Red light as global supply chain index hits high risk level for first time
13 Jun 2022
Global supply chain resilience has reached the ‘high risk’ threshold on the Achilles Index for the first time on record.
The Achilles Supply Chain Resilience Index (ASCRI) Q2 report covering the first quarter of 2022 scored worldwide performance at 39.8 points.
This brings it below the 40 point level which denotes high risk and confirms the predictions made by the company reported in Process Engineering in March. And, warns Achilles, the index is likely to drop still further over the next quarter.
“With the prolonged conflict in Ukraine and extremely tight restrictions on movement in China at present, the prospect of further disruption and even higher costs seem almost inevitable,” said Achilles chief product officer Katie Tamblin.
She added that manufacturers in many sectors would need to increase their inventories of products, in spite of having made previous continencies.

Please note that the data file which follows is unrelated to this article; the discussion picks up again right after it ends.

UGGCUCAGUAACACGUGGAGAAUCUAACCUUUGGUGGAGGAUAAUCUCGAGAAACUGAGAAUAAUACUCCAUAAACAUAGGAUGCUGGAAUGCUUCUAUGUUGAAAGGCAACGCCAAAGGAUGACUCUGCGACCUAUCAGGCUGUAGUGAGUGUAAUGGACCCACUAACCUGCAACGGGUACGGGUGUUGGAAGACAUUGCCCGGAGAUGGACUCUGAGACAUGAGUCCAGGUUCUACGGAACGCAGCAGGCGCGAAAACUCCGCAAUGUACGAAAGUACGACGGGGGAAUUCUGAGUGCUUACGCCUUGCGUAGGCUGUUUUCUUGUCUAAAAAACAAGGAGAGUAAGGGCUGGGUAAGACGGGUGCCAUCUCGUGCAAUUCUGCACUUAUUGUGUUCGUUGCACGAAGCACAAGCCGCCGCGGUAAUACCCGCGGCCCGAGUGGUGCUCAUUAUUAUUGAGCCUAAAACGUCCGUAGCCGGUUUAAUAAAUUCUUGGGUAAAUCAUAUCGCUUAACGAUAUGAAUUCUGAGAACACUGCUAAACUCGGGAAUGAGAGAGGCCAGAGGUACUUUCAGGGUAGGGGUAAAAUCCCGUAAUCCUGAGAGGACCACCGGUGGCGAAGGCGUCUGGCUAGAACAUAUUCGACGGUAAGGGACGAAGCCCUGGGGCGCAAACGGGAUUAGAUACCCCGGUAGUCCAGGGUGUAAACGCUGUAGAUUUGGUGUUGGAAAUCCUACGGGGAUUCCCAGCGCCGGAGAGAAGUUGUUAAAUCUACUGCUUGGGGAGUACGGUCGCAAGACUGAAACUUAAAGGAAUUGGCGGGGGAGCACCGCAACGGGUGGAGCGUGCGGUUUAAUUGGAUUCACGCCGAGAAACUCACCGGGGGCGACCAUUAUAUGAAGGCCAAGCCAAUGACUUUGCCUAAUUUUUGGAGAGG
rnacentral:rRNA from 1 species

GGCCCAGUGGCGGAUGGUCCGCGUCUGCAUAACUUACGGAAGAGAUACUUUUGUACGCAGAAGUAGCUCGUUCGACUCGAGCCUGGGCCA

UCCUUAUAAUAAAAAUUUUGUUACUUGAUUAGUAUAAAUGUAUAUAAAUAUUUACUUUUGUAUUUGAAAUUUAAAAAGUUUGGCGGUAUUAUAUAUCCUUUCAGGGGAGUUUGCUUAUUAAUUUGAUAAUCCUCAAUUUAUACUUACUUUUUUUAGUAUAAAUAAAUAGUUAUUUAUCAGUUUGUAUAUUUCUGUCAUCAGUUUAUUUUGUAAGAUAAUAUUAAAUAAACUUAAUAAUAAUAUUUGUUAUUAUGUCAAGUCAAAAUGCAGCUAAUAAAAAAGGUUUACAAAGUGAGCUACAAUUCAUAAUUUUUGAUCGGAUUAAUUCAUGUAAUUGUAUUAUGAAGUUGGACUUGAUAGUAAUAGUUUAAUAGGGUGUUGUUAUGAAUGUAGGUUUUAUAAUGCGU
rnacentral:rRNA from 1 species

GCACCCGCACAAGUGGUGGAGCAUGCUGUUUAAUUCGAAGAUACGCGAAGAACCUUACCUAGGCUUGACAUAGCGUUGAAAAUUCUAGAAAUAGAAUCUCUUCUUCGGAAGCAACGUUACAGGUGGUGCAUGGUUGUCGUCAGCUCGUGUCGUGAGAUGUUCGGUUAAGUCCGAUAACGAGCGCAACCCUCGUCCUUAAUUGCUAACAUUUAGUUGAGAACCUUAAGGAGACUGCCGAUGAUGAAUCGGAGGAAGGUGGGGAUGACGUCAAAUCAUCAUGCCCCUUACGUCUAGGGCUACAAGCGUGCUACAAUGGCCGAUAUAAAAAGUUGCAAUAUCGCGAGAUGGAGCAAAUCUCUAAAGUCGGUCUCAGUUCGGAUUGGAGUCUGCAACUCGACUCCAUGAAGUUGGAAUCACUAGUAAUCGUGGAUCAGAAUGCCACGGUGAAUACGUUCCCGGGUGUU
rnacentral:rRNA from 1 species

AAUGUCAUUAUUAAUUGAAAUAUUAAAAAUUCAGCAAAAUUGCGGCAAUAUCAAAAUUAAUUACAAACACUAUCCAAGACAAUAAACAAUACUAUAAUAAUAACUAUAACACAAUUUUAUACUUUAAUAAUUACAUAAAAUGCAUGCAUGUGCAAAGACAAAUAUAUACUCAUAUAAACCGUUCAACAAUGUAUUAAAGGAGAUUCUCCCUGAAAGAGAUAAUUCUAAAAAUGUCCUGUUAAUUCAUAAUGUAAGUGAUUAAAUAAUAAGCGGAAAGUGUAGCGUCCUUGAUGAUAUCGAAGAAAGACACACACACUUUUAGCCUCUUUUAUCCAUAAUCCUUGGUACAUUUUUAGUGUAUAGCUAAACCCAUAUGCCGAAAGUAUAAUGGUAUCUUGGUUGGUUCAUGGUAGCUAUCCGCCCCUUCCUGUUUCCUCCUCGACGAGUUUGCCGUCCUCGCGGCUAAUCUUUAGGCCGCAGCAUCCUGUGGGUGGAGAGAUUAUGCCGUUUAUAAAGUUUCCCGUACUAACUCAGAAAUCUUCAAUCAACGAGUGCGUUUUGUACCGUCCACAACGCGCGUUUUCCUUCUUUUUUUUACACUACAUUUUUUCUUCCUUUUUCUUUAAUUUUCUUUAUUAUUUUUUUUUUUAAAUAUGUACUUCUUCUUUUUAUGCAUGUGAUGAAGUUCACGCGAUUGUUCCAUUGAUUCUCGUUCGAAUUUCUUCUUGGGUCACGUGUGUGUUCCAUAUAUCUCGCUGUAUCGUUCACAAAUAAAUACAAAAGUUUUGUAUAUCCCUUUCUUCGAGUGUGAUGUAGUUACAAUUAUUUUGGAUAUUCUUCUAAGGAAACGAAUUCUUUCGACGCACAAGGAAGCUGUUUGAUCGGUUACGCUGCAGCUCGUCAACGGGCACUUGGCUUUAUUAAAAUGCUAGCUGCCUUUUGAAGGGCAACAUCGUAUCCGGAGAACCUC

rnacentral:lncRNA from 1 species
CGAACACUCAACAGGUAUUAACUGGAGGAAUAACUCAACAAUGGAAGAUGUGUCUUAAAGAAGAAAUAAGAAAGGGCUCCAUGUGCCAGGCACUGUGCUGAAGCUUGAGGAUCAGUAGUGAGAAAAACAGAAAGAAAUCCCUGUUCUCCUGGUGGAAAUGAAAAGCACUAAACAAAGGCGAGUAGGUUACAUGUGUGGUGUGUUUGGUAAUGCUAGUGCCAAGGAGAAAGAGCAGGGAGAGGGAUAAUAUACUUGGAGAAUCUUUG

“It would be wise for manufacturers to consider acting now to mitigate even greater risks months down the line. By bringing planned orders forward as much as possible, that extra stock cycle and the extra planning time it brings, could prove to be an invaluable way to find alternative sources of supply,” warned Tamblin.
A key factor is the conflict in Ukraine that has resulted in that country’s industrial sector being severely disrupted, while sanctions against Russia for its invasion of its neighbour have impacted traxe with Europe. Meanwhile the powerful Chinese economy has been stalled by the effects of previous renewed lockdown introductions.
This has been compounded by the fact that the UK economy’s efforts at recovery, post-lockdown, have been countered by 40-year-record inflation rates.
Added Tamblin: “Where possible, bringing the next order forward can help manufacturers to potentially afford themselves one extra stock cycle and the time to find alternatives if supply is lost.
“While many will be concerned about the cost of an extra stock cycle in the short term, the cost premium is still expected to be less than that caused by large-scale stockouts.”
ASCRI calculates supply chain risk by examining economic, environment, labour practices, regulatory, resilience, and safety/security factors for countries and suppliers based in these but also taking into account macroeconomic issues.